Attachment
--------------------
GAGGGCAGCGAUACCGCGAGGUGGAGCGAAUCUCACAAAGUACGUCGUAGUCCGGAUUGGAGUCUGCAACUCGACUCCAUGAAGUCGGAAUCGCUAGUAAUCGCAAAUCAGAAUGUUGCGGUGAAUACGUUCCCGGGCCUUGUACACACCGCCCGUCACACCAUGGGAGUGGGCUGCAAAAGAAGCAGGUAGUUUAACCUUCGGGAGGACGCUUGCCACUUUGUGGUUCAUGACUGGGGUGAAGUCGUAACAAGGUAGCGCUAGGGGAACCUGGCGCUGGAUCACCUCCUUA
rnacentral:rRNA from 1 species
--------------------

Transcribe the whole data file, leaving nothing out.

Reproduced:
GAGGGCAGCGAUACCGCGAGGUGGAGCGAAUCUCACAAAGUACGUCGUAGUCCGGAUUGGAGUCUGCAACUCGACUCCAUGAAGUCGGAAUCGCUAGUAAUCGCAAAUCAGAAUGUUGCGGUGAAUACGUUCCCGGGCCUUGUACACACCGCCCGUCACACCAUGGGAGUGGGCUGCAAAAGAAGCAGGUAGUUUAACCUUCGGGAGGACGCUUGCCACUUUGUGGUUCAUGACUGGGGUGAAGUCGUAACAAGGUAGCGCUAGGGGAACCUGGCGCUGGAUCACCUCCUUA
rnacentral:rRNA from 1 species